|Dates: ||1810 - 1886|
|Active: ||Great Britain|
Cundell shared a passion for calotypy with his older bachelor brother, george smith cundell, and like him was born in Scotland but made his living as a banker in London. Both brothers were prolific creators of calotype negatives, but whereas George greatly influenced the field with his writings, Henry Cundell was a major contributor to the photographic exhibitions of the day. In the 1852 exhibition of the Society of Arts in London, for which his brother was a driving force, Henry showed a dozen views of landscape and architecture in England and Wales. An entry in the 1853 exhibition of the Photographic Institution in London was St. Paulís Cathedral, from the River, while the next year Cundell contributed views of Wales to Society of Arts touring exhibitions.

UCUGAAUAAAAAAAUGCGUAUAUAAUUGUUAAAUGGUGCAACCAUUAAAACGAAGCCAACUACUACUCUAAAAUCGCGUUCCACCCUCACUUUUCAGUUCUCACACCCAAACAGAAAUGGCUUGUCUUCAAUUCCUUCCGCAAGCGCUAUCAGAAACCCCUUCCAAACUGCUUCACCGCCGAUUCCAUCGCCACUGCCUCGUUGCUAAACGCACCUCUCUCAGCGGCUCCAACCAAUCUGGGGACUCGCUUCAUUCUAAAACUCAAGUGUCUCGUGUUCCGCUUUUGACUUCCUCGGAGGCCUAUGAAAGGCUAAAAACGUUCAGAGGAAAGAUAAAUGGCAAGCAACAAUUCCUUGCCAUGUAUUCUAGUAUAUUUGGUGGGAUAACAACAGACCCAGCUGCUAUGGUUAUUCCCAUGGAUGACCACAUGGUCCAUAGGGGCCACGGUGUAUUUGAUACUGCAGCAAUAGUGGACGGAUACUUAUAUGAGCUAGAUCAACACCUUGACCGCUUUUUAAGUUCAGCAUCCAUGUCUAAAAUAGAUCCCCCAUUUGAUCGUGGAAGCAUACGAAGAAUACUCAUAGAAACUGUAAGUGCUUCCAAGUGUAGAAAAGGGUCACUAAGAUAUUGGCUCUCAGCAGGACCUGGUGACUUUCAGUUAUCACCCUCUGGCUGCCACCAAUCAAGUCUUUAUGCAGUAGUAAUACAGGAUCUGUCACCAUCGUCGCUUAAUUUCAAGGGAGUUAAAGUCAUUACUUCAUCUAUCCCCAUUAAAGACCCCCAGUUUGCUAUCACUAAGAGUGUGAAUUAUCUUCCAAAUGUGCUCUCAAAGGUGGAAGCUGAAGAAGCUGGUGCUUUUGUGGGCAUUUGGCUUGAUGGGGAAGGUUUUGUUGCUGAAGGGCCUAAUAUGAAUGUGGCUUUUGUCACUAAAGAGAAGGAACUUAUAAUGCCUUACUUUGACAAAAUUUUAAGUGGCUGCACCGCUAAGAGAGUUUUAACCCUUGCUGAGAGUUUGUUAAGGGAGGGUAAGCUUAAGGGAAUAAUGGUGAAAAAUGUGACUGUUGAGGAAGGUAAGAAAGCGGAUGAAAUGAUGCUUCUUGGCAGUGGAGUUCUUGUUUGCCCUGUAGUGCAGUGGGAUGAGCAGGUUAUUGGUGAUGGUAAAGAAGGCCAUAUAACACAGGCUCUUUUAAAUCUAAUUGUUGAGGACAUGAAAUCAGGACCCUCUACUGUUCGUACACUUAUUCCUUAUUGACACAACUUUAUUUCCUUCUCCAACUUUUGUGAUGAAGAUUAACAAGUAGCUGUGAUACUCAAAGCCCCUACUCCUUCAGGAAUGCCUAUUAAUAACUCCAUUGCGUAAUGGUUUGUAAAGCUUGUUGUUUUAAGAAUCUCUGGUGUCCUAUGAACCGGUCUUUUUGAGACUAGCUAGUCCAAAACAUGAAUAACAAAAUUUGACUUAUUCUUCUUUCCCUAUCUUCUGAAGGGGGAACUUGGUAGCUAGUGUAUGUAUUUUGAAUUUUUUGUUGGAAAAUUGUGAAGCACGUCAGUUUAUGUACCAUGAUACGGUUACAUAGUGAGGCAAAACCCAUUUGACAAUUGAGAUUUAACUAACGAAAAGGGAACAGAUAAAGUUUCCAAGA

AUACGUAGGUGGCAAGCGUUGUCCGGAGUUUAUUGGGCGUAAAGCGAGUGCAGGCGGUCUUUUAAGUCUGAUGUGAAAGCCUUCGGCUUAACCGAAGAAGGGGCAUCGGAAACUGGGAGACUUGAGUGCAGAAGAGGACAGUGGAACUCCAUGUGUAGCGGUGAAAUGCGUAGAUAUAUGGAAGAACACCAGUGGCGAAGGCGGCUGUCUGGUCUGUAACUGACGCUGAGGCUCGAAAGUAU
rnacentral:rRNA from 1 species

Roger Taylor & Larry J. Schaaf Impressed by Light: British Photographs from Paper Negatives, 1840-1860 (Metropolitan Museum of Art, New York, 2007)
This biography is courtesy and copyright of the Metropolitan Museum of Art and is included here with permission.
Date last updated: 4 Nov 2012.
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